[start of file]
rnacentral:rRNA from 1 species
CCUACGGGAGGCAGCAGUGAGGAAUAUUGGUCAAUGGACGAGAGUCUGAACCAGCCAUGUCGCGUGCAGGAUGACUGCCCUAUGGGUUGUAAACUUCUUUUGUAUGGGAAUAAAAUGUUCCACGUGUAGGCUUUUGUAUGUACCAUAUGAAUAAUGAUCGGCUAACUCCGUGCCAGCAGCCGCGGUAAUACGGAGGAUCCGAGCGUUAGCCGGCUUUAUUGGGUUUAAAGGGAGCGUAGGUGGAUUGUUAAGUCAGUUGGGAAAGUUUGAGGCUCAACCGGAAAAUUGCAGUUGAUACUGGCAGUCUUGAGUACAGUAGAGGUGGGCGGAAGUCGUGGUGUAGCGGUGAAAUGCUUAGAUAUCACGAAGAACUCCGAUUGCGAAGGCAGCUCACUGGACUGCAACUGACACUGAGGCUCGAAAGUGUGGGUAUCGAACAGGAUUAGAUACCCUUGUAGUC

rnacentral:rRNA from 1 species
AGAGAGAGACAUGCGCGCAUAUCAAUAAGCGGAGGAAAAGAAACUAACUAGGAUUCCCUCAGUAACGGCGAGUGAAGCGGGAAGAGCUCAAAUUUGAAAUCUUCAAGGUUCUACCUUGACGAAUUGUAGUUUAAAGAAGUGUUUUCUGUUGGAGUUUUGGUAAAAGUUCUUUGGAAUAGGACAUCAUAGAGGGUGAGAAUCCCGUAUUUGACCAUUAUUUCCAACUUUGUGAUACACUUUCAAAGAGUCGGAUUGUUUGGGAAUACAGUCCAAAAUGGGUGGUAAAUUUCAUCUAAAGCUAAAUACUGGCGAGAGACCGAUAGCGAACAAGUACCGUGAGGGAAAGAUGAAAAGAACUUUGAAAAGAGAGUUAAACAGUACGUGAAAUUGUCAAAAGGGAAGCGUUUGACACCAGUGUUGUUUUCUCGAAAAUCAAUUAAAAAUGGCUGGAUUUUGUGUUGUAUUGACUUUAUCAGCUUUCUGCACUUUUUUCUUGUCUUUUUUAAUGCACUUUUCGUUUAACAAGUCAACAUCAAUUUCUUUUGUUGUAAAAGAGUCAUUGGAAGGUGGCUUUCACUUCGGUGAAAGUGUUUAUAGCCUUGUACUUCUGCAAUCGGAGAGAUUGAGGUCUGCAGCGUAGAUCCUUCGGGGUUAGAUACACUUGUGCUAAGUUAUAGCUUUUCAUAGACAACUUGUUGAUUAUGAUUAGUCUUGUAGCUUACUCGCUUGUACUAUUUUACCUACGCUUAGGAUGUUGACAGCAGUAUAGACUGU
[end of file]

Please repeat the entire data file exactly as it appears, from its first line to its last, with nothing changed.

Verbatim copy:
rnacentral:rRNA from 1 species
CCUACGGGAGGCAGCAGUGAGGAAUAUUGGUCAAUGGACGAGAGUCUGAACCAGCCAUGUCGCGUGCAGGAUGACUGCCCUAUGGGUUGUAAACUUCUUUUGUAUGGGAAUAAAAUGUUCCACGUGUAGGCUUUUGUAUGUACCAUAUGAAUAAUGAUCGGCUAACUCCGUGCCAGCAGCCGCGGUAAUACGGAGGAUCCGAGCGUUAGCCGGCUUUAUUGGGUUUAAAGGGAGCGUAGGUGGAUUGUUAAGUCAGUUGGGAAAGUUUGAGGCUCAACCGGAAAAUUGCAGUUGAUACUGGCAGUCUUGAGUACAGUAGAGGUGGGCGGAAGUCGUGGUGUAGCGGUGAAAUGCUUAGAUAUCACGAAGAACUCCGAUUGCGAAGGCAGCUCACUGGACUGCAACUGACACUGAGGCUCGAAAGUGUGGGUAUCGAACAGGAUUAGAUACCCUUGUAGUC

rnacentral:rRNA from 1 species
AGAGAGAGACAUGCGCGCAUAUCAAUAAGCGGAGGAAAAGAAACUAACUAGGAUUCCCUCAGUAACGGCGAGUGAAGCGGGAAGAGCUCAAAUUUGAAAUCUUCAAGGUUCUACCUUGACGAAUUGUAGUUUAAAGAAGUGUUUUCUGUUGGAGUUUUGGUAAAAGUUCUUUGGAAUAGGACAUCAUAGAGGGUGAGAAUCCCGUAUUUGACCAUUAUUUCCAACUUUGUGAUACACUUUCAAAGAGUCGGAUUGUUUGGGAAUACAGUCCAAAAUGGGUGGUAAAUUUCAUCUAAAGCUAAAUACUGGCGAGAGACCGAUAGCGAACAAGUACCGUGAGGGAAAGAUGAAAAGAACUUUGAAAAGAGAGUUAAACAGUACGUGAAAUUGUCAAAAGGGAAGCGUUUGACACCAGUGUUGUUUUCUCGAAAAUCAAUUAAAAAUGGCUGGAUUUUGUGUUGUAUUGACUUUAUCAGCUUUCUGCACUUUUUUCUUGUCUUUUUUAAUGCACUUUUCGUUUAACAAGUCAACAUCAAUUUCUUUUGUUGUAAAAGAGUCAUUGGAAGGUGGCUUUCACUUCGGUGAAAGUGUUUAUAGCCUUGUACUUCUGCAAUCGGAGAGAUUGAGGUCUGCAGCGUAGAUCCUUCGGGGUUAGAUACACUUGUGCUAAGUUAUAGCUUUUCAUAGACAACUUGUUGAUUAUGAUUAGUCUUGUAGCUUACUCGCUUGUACUAUUUUACCUACGCUUAGGAUGUUGACAGCAGUAUAGACUGU